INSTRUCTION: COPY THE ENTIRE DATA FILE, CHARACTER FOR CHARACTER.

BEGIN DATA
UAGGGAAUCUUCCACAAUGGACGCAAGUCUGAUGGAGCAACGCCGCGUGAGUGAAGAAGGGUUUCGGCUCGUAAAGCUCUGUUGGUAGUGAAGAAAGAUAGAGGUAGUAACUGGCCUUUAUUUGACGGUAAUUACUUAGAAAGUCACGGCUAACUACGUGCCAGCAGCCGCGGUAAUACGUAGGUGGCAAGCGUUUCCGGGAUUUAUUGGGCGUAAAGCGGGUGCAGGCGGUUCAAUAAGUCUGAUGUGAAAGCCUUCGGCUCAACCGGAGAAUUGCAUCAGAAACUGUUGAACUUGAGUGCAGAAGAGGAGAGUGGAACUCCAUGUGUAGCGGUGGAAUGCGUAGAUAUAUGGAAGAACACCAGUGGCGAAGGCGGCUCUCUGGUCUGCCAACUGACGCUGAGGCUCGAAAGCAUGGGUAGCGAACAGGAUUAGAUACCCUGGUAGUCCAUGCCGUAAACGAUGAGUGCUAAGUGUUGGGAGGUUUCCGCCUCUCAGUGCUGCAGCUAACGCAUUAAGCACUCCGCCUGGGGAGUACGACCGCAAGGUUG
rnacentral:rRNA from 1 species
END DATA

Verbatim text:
UAGGGAAUCUUCCACAAUGGACGCAAGUCUGAUGGAGCAACGCCGCGUGAGUGAAGAAGGGUUUCGGCUCGUAAAGCUCUGUUGGUAGUGAAGAAAGAUAGAGGUAGUAACUGGCCUUUAUUUGACGGUAAUUACUUAGAAAGUCACGGCUAACUACGUGCCAGCAGCCGCGGUAAUACGUAGGUGGCAAGCGUUUCCGGGAUUUAUUGGGCGUAAAGCGGGUGCAGGCGGUUCAAUAAGUCUGAUGUGAAAGCCUUCGGCUCAACCGGAGAAUUGCAUCAGAAACUGUUGAACUUGAGUGCAGAAGAGGAGAGUGGAACUCCAUGUGUAGCGGUGGAAUGCGUAGAUAUAUGGAAGAACACCAGUGGCGAAGGCGGCUCUCUGGUCUGCCAACUGACGCUGAGGCUCGAAAGCAUGGGUAGCGAACAGGAUUAGAUACCCUGGUAGUCCAUGCCGUAAACGAUGAGUGCUAAGUGUUGGGAGGUUUCCGCCUCUCAGUGCUGCAGCUAACGCAUUAAGCACUCCGCCUGGGGAGUACGACCGCAAGGUUG
rnacentral:rRNA from 1 species